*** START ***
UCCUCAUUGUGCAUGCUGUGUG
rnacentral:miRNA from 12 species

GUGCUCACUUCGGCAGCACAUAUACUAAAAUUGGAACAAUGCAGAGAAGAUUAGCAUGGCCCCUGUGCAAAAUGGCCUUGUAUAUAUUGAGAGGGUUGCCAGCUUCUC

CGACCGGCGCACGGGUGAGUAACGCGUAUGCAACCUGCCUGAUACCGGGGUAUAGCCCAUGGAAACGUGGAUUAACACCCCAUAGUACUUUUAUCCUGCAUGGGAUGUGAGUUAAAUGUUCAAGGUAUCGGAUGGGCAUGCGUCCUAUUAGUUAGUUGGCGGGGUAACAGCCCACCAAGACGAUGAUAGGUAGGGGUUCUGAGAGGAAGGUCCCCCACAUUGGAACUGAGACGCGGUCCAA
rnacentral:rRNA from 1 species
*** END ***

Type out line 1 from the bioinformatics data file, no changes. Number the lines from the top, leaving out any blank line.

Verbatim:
UCCUCAUUGUGCAUGCUGUGUG